Is it a worthwhile question?
The question why does baptism still matter? is not one I ask because I am especially skeptical or cynical (although these are defining character traits for my millennial generation).
I ask because a friend asked me to baptize him this weekend.
In doing our best to prepare for this oddly beautiful and beautifully odd ritual, we have met together regularly and begged the question, why does baptism still matter?
We beg the question because we want to be faithful in observing it – not just rush into what we have come to feel is a sacred responsibility.
After all, unless one takes time to stop and think about baptism, it’s not likely to come up in casual conversation, at least not very often.
If you’re reading this, however, and want to step back farther and ask not why but does baptism matter at all?, then let’s make room for that question too.
No gimmicks, no magic, no bait-and-switch routines
Sacraments like baptism, the Eucharist, and so forth mean a lot of things – even next to nothing – to a lot of people.
Whenever someone intends them to be divisive, harmful, or manipulative, they cease to be sacramental in the first place.
To help me keep in mind what sacraments are actually good for, I tend to prefer the phrase “means of grace.” It’s a phrase I have learned from studying John Wesley (1703-1791) to refer to both the formally recognizable ‘sacraments’ and moments one could describe as ‘sacramental’ (i.e., a symbolic encounter with God).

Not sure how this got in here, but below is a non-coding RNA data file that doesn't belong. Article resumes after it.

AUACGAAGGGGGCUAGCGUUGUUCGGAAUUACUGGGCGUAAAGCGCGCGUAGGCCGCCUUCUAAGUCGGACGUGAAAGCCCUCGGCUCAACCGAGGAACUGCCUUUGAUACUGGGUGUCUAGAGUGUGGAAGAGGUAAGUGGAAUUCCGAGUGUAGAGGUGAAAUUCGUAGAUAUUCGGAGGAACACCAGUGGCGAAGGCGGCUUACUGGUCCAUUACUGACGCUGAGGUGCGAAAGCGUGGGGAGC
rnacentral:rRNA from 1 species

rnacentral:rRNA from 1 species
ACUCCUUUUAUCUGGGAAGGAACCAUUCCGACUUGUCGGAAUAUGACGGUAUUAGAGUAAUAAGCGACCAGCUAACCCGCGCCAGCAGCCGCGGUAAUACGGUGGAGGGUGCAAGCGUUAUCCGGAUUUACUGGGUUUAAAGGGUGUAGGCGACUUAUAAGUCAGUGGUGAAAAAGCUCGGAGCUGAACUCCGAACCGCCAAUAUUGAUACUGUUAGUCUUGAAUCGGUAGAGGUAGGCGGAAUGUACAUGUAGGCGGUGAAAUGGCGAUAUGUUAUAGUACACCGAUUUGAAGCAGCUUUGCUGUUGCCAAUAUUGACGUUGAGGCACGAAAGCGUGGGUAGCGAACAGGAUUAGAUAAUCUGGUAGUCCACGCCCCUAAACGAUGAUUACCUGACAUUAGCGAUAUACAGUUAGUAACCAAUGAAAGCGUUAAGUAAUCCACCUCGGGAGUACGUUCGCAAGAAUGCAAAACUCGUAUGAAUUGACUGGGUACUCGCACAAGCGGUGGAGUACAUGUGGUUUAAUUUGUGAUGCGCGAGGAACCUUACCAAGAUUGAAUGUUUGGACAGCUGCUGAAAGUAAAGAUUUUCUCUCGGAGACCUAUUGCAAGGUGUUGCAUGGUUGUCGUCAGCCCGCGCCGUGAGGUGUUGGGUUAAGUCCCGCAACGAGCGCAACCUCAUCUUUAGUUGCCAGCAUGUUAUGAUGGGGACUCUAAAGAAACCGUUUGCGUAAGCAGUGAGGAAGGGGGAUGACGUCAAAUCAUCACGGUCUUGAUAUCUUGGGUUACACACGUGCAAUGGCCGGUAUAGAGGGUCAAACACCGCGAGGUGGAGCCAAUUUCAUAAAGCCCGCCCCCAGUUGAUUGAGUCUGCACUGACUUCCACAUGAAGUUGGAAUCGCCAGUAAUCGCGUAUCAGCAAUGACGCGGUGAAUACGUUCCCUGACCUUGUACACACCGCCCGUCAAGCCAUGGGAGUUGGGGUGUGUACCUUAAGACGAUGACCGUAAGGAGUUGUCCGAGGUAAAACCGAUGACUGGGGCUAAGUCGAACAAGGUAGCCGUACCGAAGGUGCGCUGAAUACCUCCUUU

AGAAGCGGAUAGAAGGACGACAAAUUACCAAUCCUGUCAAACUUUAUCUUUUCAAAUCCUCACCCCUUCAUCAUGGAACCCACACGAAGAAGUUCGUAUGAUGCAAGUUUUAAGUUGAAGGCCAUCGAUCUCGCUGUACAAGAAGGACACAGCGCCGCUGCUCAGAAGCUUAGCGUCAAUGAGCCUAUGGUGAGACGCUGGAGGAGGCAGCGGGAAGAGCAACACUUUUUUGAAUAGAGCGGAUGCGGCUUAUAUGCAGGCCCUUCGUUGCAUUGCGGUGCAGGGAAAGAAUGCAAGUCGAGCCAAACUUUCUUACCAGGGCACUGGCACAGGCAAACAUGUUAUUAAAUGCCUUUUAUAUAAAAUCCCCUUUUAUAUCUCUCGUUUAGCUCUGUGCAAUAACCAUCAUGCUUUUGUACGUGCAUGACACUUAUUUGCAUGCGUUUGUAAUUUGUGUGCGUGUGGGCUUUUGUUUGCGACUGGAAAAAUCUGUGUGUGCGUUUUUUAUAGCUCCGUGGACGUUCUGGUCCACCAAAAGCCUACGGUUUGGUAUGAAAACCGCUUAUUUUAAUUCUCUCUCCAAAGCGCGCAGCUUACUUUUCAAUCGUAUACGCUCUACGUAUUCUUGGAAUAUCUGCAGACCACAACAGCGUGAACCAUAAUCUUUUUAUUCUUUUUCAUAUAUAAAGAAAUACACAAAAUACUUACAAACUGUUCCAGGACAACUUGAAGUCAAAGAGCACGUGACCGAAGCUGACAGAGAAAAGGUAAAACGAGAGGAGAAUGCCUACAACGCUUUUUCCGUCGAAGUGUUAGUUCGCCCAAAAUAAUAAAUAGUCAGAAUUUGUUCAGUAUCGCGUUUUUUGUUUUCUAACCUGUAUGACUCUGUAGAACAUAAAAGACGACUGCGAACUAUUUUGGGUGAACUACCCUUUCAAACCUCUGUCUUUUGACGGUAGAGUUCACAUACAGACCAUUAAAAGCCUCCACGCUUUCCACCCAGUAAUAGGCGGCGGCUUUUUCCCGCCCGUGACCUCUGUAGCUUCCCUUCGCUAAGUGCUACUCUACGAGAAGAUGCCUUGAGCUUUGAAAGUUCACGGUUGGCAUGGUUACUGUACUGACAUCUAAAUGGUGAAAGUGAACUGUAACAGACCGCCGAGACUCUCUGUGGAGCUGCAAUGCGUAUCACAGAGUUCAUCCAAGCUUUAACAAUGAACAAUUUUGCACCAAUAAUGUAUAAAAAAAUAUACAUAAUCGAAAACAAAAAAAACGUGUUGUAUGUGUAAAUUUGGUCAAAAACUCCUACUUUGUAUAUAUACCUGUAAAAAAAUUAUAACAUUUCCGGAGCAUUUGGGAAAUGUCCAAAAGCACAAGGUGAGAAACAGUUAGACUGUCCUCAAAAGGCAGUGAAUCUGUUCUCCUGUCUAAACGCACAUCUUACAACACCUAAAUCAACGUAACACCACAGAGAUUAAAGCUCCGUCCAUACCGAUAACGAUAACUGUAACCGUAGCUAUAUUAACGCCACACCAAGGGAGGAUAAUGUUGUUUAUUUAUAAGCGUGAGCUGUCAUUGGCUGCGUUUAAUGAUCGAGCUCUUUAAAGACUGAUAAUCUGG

Wesley offers some helpful advice for keeping such moments in perspective:
[B]efore you use any means of grace let it be deeply impressed on your soul: There is no power in this. It is in itself a poor, dead, empty thing: separate from God, it is a dry leaf, a shadow. Neither is there any merit in my using this, nothing intrinsically pleasing to God, nothing whereby I deserve any favour at God’s hands, not a drop of water to cool my tongue. But because God bids, therefore I do; because God directs me to wait
in this way, therefore here I wait for God’s free mercy, whereof cometh my salvation.
So what do I mean?
We can’t label just anything a “means of grace” to make ourselves feel better.
Instead, some moment, some activity, some ritual, any encounter is a “means of grace” because we come to recognize God intending for it to be so.
Like God’s grace and mercy, sacraments are shared. The Eucharist or the Lord’s Supper is called “Communion” for a reason. As one of my seminary professors puts it, “You cannot baptize yourself and you cannot commune alone.”
Sharing more than just stuff
Once someone is baptized, memory is all any of us has.